Lieutenant-General George Carpenter, 1st Baron Carpenter of Killaghy, 10 February 1657 to 10 February 1731, was a member of the landed gentry from Herefordshire and career soldier in the British Army. He served as Commander-in-Chief, Scotland from 1716 to 1724 and as a Whig MP from 1715 to 1727.
Sir Bevil Granville was an English soldier and politician from Cornwall, who was MP for Fowey and Lostwithiel from 1690 to 1698. He also served as Governor of Pendennis Castle from 1693 to 1703 and Governor of Barbados from 1703 to 1706, and died at sea on his return voyage to England in September 1706.
Sir Henry Belasyse, also spelt Bellasis, was an English military officer from County Durham, who also sat as MP for a number of constituencies between 1695 and 1715.
Lieutenant-General George Ramsay was a younger son of the Earl of Dalhousie and Scottish professional soldier.
The Irish Army or Irish establishment, in practice called the monarch's "army in Ireland" or "army of Ireland", was the standing army of the Kingdom of Ireland, a client state of England and subsequently of Great Britain. It existed from the early 1660s until merged into the British Army in 1801, and for much of the period was the largest force available to the British monarchy, being substantially larger than the English and Scottish establishments.
Lawrence Dempsey was an Irish soldier of the seventeenth century.
Robert Ramsay was a Scottish Jacobite soldier noted for his service during the Williamite War in Ireland. A Roman Catholic and veteran of the "French Brigade" which served in the Third Anglo-Dutch War under the Duke of Monmouth, Ramsay held the post of Adjutant-General of Foot in the English Army prior to the deposition of James II in the 1688 Glorious Revolution.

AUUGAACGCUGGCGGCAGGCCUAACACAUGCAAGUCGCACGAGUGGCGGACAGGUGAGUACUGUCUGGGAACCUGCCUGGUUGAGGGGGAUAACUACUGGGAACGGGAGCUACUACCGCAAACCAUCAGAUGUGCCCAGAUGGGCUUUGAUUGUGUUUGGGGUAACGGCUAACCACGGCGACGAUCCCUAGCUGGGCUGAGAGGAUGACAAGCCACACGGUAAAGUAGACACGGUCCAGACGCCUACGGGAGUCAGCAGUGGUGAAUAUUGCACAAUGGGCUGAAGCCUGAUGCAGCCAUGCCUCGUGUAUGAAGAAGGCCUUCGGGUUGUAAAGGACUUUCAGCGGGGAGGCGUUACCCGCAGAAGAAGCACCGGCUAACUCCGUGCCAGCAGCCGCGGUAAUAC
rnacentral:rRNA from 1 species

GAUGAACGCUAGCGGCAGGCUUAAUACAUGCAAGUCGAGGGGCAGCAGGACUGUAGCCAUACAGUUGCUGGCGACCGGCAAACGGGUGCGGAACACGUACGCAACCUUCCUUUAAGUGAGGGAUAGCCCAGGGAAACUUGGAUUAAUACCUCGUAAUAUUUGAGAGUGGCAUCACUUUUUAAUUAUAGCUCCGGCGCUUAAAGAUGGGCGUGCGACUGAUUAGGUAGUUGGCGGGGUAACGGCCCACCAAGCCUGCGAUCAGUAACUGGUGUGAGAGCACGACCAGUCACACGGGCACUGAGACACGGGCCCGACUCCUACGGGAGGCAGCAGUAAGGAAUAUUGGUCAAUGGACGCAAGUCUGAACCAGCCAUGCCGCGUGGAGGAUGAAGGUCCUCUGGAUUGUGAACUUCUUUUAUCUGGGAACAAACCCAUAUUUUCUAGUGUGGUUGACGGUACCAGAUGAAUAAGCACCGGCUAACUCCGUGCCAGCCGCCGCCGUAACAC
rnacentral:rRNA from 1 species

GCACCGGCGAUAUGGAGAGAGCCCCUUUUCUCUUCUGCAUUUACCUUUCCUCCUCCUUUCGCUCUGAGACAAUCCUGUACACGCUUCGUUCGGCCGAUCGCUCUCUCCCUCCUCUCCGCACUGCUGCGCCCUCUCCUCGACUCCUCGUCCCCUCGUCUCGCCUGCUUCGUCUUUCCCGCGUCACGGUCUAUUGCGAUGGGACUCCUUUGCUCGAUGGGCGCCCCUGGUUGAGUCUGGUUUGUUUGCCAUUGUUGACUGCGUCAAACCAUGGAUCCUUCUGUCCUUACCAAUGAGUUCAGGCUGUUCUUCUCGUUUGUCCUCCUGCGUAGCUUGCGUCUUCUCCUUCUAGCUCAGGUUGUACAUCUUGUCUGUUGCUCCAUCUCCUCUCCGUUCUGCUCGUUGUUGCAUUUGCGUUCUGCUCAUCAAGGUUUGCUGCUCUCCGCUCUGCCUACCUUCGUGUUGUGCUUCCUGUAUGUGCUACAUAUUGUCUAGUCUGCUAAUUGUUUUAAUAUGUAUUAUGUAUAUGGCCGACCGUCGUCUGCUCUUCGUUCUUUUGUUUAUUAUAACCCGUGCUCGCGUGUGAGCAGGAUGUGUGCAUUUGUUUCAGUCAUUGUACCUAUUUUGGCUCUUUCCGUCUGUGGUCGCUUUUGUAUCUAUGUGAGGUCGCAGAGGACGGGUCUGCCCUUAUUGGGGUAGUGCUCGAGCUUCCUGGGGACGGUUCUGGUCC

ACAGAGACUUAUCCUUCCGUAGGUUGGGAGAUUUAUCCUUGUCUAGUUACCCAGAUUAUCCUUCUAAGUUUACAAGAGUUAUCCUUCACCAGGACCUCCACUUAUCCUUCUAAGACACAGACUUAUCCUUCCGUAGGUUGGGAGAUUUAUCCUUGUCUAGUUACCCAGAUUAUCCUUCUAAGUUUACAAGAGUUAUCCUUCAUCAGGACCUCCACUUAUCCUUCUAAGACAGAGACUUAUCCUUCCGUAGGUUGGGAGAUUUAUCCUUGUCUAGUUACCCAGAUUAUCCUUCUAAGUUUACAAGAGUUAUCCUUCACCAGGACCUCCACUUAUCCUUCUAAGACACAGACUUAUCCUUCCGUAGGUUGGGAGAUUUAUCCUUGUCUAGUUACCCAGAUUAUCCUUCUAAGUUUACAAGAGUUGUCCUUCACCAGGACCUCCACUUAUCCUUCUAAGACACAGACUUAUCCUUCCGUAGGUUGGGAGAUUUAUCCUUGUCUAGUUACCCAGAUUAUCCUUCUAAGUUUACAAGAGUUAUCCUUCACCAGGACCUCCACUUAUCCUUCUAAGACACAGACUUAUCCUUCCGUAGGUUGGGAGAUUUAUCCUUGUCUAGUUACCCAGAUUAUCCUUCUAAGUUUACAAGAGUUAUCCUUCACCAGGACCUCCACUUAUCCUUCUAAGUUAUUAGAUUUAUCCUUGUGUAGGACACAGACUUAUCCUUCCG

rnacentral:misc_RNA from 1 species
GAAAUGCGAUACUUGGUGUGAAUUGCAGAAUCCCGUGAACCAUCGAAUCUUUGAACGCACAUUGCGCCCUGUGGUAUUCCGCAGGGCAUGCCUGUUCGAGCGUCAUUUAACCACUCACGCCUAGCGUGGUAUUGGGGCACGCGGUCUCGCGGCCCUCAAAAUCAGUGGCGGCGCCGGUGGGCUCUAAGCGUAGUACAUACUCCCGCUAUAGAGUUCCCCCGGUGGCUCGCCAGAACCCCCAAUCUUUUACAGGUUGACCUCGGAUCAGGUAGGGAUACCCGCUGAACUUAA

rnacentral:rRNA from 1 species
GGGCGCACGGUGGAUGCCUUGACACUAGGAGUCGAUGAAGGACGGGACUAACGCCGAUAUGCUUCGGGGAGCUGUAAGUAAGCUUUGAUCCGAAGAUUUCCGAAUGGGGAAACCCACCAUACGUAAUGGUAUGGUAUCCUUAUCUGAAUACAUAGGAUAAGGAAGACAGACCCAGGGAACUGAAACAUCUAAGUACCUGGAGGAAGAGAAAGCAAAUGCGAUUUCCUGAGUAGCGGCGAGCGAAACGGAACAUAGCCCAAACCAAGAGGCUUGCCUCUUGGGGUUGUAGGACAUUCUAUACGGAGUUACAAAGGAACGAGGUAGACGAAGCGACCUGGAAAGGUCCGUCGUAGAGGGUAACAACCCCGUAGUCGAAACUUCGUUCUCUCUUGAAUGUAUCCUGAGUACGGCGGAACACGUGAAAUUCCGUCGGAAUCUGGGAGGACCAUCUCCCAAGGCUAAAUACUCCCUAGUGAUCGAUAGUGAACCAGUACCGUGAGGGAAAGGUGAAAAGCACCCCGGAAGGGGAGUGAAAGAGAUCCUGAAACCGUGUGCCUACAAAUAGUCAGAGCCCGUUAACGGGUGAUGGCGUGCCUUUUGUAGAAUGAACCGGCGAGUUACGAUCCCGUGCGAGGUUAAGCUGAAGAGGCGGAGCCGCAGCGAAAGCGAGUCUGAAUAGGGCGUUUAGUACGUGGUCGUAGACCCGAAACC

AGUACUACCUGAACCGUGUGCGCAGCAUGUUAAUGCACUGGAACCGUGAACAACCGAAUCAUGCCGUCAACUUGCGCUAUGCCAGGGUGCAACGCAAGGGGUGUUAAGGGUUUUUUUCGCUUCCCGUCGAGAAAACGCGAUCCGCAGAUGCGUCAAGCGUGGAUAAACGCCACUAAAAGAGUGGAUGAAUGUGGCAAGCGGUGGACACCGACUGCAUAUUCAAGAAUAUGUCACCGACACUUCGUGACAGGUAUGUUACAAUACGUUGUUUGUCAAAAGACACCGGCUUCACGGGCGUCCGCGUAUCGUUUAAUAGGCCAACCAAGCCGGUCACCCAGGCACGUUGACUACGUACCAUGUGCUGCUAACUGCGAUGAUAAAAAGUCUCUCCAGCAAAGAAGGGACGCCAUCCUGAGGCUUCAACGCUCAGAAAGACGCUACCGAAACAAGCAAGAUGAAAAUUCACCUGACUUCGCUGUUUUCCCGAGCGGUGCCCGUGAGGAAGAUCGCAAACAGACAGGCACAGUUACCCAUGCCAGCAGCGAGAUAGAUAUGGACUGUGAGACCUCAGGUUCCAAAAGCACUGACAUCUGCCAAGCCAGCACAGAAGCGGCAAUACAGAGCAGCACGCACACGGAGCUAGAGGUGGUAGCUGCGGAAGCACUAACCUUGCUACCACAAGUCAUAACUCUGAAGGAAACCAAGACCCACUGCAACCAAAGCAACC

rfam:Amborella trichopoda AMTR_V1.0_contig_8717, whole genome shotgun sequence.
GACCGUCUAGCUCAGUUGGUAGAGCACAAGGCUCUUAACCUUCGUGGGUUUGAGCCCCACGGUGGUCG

Henry Wharton was an English soldier known for his service in the Williamite War in Ireland, where he died in 1689. He was a distant relation of his namesake the writer Henry Wharton.
John Cunningham was an Anglo-Irish soldier known for his command of an aborted attempt to relieve the city of Derry during the 1689 Siege. His failure led to his dismissal and replacement by William Stewart. Some sources refer to him as Thomas Cunningham, but the vast majority called him John.
Sir Charles Carney was an Irish professional soldier, who later in his career became a Jacobite. He served as an officer in the Irish Army of James II during the Williamite War in Ireland.
Philip Babington (1632–1690) was an English military officer, who served in the armies of the Commonwealth of England, the Dutch Republic and England. He accompanied William III to England in the 1688 Glorious Revolution and was Member of Parliament and Governor for Berwick-upon-Tweed from 1689–1690.
William Dorrington was an English army officer. Contemporary sources often spell his surname as "Dorington", or "Dodington".
Dominic Sheldon, often written as Dominick Sheldon, was an English soldier. A leading Jacobite he served in James II's Irish Army during the Williamite War between 1689 and 1691. He was a noted cavalry commander, present at the Battle of the Boyne and Battle of Aughrim. Later after going into exile, he rose to the rank of lieutenant general in the French Army. He was also remained a prominent courtier at the Jacobite court in exile at Saint Germain.
Thomas Maxwell was a Scottish professional soldier.